Don’t Miss ERFA’s Jane’s Walk May 7th: What Would Jane Do?

By Team ERFA,

Jane's Walk Municipal Art Society

Saturday, May 7th @ 10am

ERFA’s Lisa Mercurio Leads a Jane’s Walk:

Each year, the Municipal Art Society is the local organizer of “Jane’s Walk,” a three-day event that honors the legacy of urban activist Jane Jacobs with hundreds of walking tours in over 180 cities across the globe. This year, ERFA’s Lisa Mercurio has generously volunteered to lead a Jane’s Walk of our neighborhood.

The walk is entitled, Historic Sutton Place Clashes with Billionaire’s Row. WWJD: What Would Jane Do? See Why City History, Megatowers and Residential Neighborhoods Don’t Mix.”

When: Saturday, May 7th, from 10 am -11 am.
Where: Meet at this small Privately Owned Public Space (POPS), a beautifully landscaped park between 400 and 410 E. 59th St. The tour will continue on Foot

It will highlight our community’s struggle to maintain our unique character in the face of oversized and unwanted development. The meeting place is between 400 and 410 E. 59th St., a pretty, privately-owned public space between First and York Avenues. You can see the walk’s details and sign up to join the walk right here. To RSVP, simply create a login on the Jane’s Walk site and click the “I’m going” button next to the event’s date and time.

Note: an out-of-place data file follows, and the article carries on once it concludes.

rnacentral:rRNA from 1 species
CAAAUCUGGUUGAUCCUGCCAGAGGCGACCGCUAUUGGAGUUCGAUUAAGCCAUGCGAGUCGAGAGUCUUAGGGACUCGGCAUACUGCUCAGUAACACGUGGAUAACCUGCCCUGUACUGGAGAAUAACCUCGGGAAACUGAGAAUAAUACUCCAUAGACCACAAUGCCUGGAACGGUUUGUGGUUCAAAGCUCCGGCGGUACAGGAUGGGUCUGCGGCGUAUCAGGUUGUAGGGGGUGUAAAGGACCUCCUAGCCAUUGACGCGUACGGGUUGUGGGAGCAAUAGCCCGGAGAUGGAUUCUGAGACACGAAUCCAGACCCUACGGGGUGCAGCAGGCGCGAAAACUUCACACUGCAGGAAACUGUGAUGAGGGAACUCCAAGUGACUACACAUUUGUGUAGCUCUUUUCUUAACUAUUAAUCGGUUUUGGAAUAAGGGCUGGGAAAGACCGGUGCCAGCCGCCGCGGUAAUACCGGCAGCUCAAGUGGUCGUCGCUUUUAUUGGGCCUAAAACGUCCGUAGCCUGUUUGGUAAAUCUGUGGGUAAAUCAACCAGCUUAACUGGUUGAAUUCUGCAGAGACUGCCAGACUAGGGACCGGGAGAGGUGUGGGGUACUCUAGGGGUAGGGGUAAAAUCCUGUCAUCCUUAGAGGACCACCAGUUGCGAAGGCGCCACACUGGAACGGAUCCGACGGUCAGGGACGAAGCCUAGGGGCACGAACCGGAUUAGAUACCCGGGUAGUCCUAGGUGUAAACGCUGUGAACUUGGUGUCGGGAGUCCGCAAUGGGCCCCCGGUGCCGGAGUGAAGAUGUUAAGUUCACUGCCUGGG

Spread the word.  Get your neighbors and friends to come along as well. See you there!

  Category: Event
  Comments: 2

ERFA News: WSJ Covers Bauhouse Bankruptcy/Foreclosure Clash

By Team ERFA,

Once again, ERFA’s President, Alan Kersh, was featured in the news: this time, in The Wall Street Journal. The WSJ looked into the bankruptcy/foreclosure battle between the developer Bauhouse and its lenders, and spoke with him about the project.

WSJ: Bankruptcy Is Bellwether of New York’s Condo Market

Controversy over the project started as soon as its existence became public in March 2015…

The Sutton Place tower’s sheer scale—with 78 floors it would reach far higher than surrounding buildings—and location in the middle of a narrow residential street not far from Billionaire’s Row, drew immediate backlash from the community.

“It caught everyone by surprise,” said Alan Kersh, president of the East River 50s Alliance, which has been fighting the tower since it was first proposed last year, calling it “wickedly out of character and out of scale with our neighborhood.”